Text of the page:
By Letta Neely, Associate Director of Programs
As everyone knows, this particular pandemic makes us reach deep in our toolbox to build new and edit the tried-and-true pathways for success. This fall, at Dearborn STEM Academy (DSA) and at Boston Teachers Union School (BTU), we were innovative with our programming and kept our young people at the center, embarking on a different type of career exploration. It makes me think of the Robert Frost poem, “The Road Not Taken”. In our case, the pandemic prevented us from sending young people out into the world of work. Hence, we brought the world of work to them!
At DSA, we implemented workplace explorations for our middle school students. Because Apprentice Learning curates programming that illuminates agency and choice whenever possible, career options included: Actor, Electrician, Flower Arranger, Sound Designer, Podcaster, Architect, Writer, or Social Justice Activist. Small groups of eighth grade students worked with each Career Mentor to create an artifact of their efforts. Some of these artifacts included: using design thinking to make a ketchup bottle that gets out the last drop; learning and using basic electrical concepts; making a podcast, writing a monolog, or practicing the art of flower arranging.
At BTU, each apprentice explored and researched a career of personal interest—including prerequisites and the proper work attire connected to their job interest. These apprentices continued to practice public speaking, making eye contact, and a different way of shaking hands in the business world. This culminated in a one day, two-hour interview experience where each eighth grader met 1-on-1 with an adult who played the part of an interviewer and who afterward gave written and oral feedback.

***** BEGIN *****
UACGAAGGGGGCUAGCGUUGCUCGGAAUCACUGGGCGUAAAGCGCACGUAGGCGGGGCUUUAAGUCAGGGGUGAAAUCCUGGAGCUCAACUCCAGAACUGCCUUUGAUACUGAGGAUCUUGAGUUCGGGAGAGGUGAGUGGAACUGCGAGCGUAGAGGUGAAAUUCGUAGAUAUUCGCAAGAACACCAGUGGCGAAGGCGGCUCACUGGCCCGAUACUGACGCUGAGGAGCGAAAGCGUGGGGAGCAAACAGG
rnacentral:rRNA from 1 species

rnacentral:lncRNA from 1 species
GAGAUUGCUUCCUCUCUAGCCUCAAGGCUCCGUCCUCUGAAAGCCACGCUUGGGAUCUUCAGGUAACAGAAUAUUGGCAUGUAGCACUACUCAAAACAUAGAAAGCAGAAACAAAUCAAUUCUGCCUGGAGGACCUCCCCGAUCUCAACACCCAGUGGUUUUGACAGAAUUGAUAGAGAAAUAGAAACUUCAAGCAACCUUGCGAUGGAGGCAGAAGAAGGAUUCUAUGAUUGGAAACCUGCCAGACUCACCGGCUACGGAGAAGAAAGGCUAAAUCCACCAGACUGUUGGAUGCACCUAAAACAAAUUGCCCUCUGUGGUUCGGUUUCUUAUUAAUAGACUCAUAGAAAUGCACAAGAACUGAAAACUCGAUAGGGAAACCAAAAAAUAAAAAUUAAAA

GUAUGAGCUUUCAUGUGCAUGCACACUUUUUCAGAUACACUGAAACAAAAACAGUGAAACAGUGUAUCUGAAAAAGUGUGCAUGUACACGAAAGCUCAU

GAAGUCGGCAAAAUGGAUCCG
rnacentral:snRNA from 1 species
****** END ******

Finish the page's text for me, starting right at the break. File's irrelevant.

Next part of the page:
In both schools, on the morning of their apprenticeship, the eighth graders arrived excited, intrigued, nervous, and most importantly, ready. In our workshops, we practice being “Work Ready”, “Community Ready,” and “Courage Ready.” Our apprentices were all of this and more. The looks on their faces, the attention spans, and their posture was the evidence. They were able to speak freely, ask questions, and use their learning styles and signature strengths in the service of their own growth.
This spring we’re called to change our methodology once again because the times demand it. At this moment, due to the pandemic, our worksite partners are not able to safely come into the building. So, we’ve altered the design of our program but not the mission. We will deliver our regular six-week preparation curriculum including having each student create a resume.
AL staff will deliver mechanical engineering and marketing apprenticeship experiences to the youth ourselves. We’ll also utilize SuitUp to provide a one-day entrepreneurship experience virtually. The eighth graders will be mentored by employees of Dentsu Media and LiveRamp and will work in collaboration with middle school students in other states. These experiences are different opportunities for the youth to strut and stretch their budding growth. They will get to practice using their voices, engaging with others, exploring three careers and reaching their own personal bar of excellence.
For our ninth grader alumni, we begin our Launch+ program this week. This paid Learn-to-Earn internship meets virtually with Apprentice Learning staff twice weekly. Alums deepen their understanding of the world of work, learn to accurately update resumes created in eighth grade, and are fully supported as they apply for paid summer employment through SuccessLink.
We continue to feel fortunate in this climate. We keep doing our best work no matter what curves the pandemic brings. We keep helping young people deepen their skill sets, broaden their horizons, and expand their possibilities. We know that eventually, the outside world will open back up and we’ll be able to send youth into the world of work. We know that you’ll be right there with us, waiting with open arms to share your experience, expertise, and passions.